Review of The Lab Book: Situated Practices in Media Studiesby Jason Lajoie
What is a humanities lab? How do we distinguish between a lab in the humanities and a lab in STEM--especially in various lab processes and factors that include "technicians, technologies, traditions, techniques, and trajectories"? In his review of Darren Wershler, Lori Emerson, and Jussi Parikka's book The Lab Book, Jason Lajoie outlines the ways in which labs and lab culture have expanded to make room for making.
Review of Broken Theory by Alan Sondheimby Aden Evens
In his review of Broken Theory by new media artist and theorist Alan Sondheim, Aden Evens traces Sondheim's eclectic and stylistic meditations on the limits of philosophy, language, and code, expressed through the author's experimental art and research projects. Sondheim's fragmentary monograph and Evens' review by extension explore the inevitability of failure as an 'ontological guarantee' and suggest writing as a necessary—albeit inadequate and unfulfilling—response.
United Forces of Meme in Spontaneous Netprov (or how many tweets it takes to transform #Kaliningrad into #Kralovec)by Anna Nacher
Anna Nacher explores the emergence and spread of the viral hashtag "Kralovec," a satirical Czech language meme protesting the Russian annexation of Ukrainian territory in September 2022. In discussing the social and political impact of memes as collaborative sites of making meaning through media, Nacher analyzes the "creative frenzy" that emerges when protest becomes memetic.
Riderly waves of networked textual improvisation: an interview with Mark Marino, Catherine Podeszwa, Joellyn Rock, and Rob Wittig.by Rob Wittig, Anna Nacher, Joellyn Rock, Cathy Podeszwa, Mark Marino
Anna Nacher chats with Mark Marino, Cathy Podeszwa, Joellyn Rock, and Rob Wittig—artists, designers, and new media theorists all—to discuss the impetus and impact of their long-running netprov collaborations (communal and improvisational creative writing conducted online). Interview conducted October 2022.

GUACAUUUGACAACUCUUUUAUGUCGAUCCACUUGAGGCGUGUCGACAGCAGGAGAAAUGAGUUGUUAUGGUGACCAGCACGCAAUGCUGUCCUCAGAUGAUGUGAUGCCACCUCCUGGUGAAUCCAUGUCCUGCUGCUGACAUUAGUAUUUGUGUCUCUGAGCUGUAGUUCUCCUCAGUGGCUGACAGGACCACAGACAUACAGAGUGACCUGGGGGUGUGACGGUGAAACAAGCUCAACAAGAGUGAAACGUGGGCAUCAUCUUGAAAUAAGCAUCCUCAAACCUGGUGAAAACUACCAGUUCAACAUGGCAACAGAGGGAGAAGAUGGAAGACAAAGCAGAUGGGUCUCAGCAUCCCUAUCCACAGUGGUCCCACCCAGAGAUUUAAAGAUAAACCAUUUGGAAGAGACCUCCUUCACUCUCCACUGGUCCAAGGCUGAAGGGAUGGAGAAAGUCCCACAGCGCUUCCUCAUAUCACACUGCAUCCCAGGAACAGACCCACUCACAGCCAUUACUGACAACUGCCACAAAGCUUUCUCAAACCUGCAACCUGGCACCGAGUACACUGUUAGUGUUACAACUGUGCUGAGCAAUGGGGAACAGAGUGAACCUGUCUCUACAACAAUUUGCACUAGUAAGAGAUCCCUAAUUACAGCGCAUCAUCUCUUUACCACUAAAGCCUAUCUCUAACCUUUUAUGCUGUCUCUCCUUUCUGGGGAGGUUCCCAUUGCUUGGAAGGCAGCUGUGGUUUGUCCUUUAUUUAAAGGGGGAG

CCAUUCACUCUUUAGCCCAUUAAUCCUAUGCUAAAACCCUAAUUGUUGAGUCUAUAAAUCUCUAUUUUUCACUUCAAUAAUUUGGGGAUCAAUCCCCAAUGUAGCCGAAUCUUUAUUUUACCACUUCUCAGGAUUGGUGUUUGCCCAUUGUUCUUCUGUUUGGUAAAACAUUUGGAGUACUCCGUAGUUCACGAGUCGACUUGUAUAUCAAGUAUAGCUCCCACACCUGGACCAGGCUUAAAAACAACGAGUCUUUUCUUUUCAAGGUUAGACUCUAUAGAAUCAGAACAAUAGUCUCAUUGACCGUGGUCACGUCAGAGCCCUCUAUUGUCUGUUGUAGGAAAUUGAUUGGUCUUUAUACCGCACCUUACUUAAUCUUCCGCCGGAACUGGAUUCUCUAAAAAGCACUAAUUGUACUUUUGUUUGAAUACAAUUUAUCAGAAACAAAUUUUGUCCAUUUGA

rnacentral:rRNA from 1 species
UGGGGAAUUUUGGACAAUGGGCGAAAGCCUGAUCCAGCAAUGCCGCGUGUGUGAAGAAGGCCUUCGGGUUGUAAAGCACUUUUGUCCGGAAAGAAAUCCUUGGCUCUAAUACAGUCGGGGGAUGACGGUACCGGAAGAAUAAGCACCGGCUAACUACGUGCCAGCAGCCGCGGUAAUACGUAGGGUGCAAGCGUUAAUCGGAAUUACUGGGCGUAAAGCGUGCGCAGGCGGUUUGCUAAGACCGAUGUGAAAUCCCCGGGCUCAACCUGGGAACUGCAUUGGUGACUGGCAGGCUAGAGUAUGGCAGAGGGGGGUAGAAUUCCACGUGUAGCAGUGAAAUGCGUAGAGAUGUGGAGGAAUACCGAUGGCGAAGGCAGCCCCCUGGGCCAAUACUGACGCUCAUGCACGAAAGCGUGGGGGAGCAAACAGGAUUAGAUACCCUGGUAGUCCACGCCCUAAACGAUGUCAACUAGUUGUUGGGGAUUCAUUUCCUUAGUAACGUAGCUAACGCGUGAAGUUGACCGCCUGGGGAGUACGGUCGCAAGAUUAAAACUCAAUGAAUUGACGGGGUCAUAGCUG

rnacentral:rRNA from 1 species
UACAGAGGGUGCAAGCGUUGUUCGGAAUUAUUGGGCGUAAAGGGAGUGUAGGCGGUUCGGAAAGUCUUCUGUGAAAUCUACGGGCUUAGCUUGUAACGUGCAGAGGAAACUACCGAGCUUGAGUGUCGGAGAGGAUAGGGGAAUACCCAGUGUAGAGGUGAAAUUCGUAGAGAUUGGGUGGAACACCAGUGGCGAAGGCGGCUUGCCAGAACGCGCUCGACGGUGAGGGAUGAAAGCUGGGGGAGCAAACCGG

Weirding Winona: iDMAa 2022 Weird Media Exhibitionby Melinda M. White
Melinda M. White's itinerary through the iDMA 2022 Weird Media Exhibition in Winona consider the various forms of weirdness or strangeness evoked by the exhibited works. She explores how strangeness characterises human relationship to constantly transforming technologies, how it manifests itself in our difficult pasts, and how it points to alternative of unexpected futures. While the weird encounters with the exhibition works in no way point to a single, unifying thread or approach to the theme, White's account reveals shared concerns, tendencies, and connections among them. Temporal distance and experiences of loss render familiar technologies, objects, or places unfamiliar; the borders between human and non-human entities and perspectives is blurred or even discarded; humor and surreal irreverence are employed to raise urgent questions on ecology, ethics, and individual or collective narratives and subjectivities.
Lines of Sight: Thirteen Ways of Looking at a System (Organism, Poem, or Otherwise)by Lisa Swanstrom
What Mario Aquilina and Ivan Callus accomplished in their "13 Ways of Looking at Electronic Literature", Lisa Swanstrom does for Ecocriticism. Taking as her starting point, Cary Wolfe's book on Wallace Stevens, Swanstrom explores each and every one of Stevens's "13 Ways of Looking at a Blackbird." What emerges, alongside Wolfe's ecocriticism is a resurgence, in literary studies, of the art of close reading.
- Go to page 1
- Go to page 2
- Go to page 3
- Interim pages omitted …
- Go to page 74
- Go to Next Page »